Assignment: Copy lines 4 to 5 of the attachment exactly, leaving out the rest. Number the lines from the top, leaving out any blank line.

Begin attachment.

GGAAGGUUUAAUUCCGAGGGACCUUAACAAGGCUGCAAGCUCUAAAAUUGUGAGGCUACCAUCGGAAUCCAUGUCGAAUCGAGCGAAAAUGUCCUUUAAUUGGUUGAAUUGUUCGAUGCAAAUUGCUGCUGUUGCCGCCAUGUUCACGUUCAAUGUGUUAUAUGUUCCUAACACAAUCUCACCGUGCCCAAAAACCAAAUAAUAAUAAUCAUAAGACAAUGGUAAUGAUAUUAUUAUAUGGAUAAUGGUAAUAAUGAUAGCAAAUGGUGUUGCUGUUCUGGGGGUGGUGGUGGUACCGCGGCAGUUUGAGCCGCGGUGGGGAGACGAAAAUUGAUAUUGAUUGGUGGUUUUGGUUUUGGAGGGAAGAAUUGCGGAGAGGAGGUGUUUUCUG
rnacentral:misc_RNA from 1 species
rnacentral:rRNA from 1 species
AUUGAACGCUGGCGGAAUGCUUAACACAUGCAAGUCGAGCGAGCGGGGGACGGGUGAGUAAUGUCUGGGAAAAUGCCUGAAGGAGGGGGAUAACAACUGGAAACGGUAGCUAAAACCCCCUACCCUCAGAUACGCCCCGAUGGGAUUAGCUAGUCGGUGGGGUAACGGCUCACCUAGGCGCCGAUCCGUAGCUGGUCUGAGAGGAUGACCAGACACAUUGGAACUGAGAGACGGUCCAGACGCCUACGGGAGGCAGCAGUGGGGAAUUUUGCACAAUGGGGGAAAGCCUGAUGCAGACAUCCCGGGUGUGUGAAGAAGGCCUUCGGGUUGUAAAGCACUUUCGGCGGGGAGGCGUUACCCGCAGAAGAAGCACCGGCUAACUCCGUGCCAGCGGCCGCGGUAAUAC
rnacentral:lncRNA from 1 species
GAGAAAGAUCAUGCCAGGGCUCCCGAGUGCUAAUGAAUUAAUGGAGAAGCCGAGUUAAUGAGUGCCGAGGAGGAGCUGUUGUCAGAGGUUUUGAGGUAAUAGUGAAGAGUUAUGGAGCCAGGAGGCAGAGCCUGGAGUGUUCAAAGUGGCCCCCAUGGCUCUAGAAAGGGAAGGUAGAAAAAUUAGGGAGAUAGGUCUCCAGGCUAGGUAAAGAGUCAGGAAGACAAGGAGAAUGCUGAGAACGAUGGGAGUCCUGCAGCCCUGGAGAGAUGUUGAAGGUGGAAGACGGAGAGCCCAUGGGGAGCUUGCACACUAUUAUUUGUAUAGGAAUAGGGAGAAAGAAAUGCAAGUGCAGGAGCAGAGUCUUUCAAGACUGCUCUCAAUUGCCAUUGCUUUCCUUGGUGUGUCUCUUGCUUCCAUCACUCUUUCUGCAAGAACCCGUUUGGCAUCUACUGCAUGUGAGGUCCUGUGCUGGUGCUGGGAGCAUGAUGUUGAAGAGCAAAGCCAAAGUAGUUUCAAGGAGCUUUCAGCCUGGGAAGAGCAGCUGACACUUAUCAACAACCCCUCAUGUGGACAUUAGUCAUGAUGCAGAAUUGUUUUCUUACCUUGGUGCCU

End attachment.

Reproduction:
AUUGAACGCUGGCGGAAUGCUUAACACAUGCAAGUCGAGCGAGCGGGGGACGGGUGAGUAAUGUCUGGGAAAAUGCCUGAAGGAGGGGGAUAACAACUGGAAACGGUAGCUAAAACCCCCUACCCUCAGAUACGCCCCGAUGGGAUUAGCUAGUCGGUGGGGUAACGGCUCACCUAGGCGCCGAUCCGUAGCUGGUCUGAGAGGAUGACCAGACACAUUGGAACUGAGAGACGGUCCAGACGCCUACGGGAGGCAGCAGUGGGGAAUUUUGCACAAUGGGGGAAAGCCUGAUGCAGACAUCCCGGGUGUGUGAAGAAGGCCUUCGGGUUGUAAAGCACUUUCGGCGGGGAGGCGUUACCCGCAGAAGAAGCACCGGCUAACUCCGUGCCAGCGGCCGCGGUAAUAC
rnacentral:lncRNA from 1 species